Appeal on Behalf of the Soldiers

Southern Confederacy (Atlanta, Georgia), November 6, 1862

Gov. Vance, of North Carolina, has issued the following address to the people of that State. Its patriotism will apply in every quarter of the Confederacy. He says:

After the most strenuous exertions on the part of its officers, the State finds it impossible to clothe and shoe our soldiers without again appealing to that overflowing fountain of generous charitythe private contributions of our people. The rigors of winter are approaching, our soldiers are already suffering, and must suffer more if our sympathies are not practical and active. The quartermasters Department is laboring faithfully to provide for them, but, owing to speculation and extortion, will fall short. The deficiency must be supplied by the people. We shall have an active winter campaign, and how can our troops, if ragged, cold, and barefoot, contend with the splendidly equipped columns of the enemy?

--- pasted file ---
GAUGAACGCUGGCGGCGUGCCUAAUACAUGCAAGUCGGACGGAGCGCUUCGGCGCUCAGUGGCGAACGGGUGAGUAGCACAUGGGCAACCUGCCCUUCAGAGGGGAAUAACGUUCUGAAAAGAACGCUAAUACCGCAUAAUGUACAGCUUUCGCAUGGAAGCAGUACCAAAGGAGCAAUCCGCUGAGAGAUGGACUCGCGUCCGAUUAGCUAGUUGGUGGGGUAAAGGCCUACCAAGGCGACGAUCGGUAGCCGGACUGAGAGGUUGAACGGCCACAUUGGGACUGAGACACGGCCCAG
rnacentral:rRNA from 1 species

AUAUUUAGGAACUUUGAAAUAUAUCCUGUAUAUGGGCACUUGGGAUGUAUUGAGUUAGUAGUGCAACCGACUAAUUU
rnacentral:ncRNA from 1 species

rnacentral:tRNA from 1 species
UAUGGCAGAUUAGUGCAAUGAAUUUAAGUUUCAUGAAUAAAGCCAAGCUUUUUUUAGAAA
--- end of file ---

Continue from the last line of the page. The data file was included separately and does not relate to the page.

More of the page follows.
The articles most needed, and which the State finds it most difficult to supply, are shoes, socks and blankets, though drawers, shirts and pants would be gladly received. If every farmer who has hides tanning would agree to spare one pair of shoes, and if every mother in North Carolina would knit one strong pair of either thick cotton or woolen socks for the army, they would be abundantly supplied. A great lot of blankets, also, might yet be spared from private use, and thousands could be made from the carpets upon our parlor floors. With good, warm houses and cotton bed clothing, we can certainly get through the winter much better than the soldiers can with all the blankets we can give them. . . .

Z. B. Vance.
Raleigh, October 15, 1862.

Civil War

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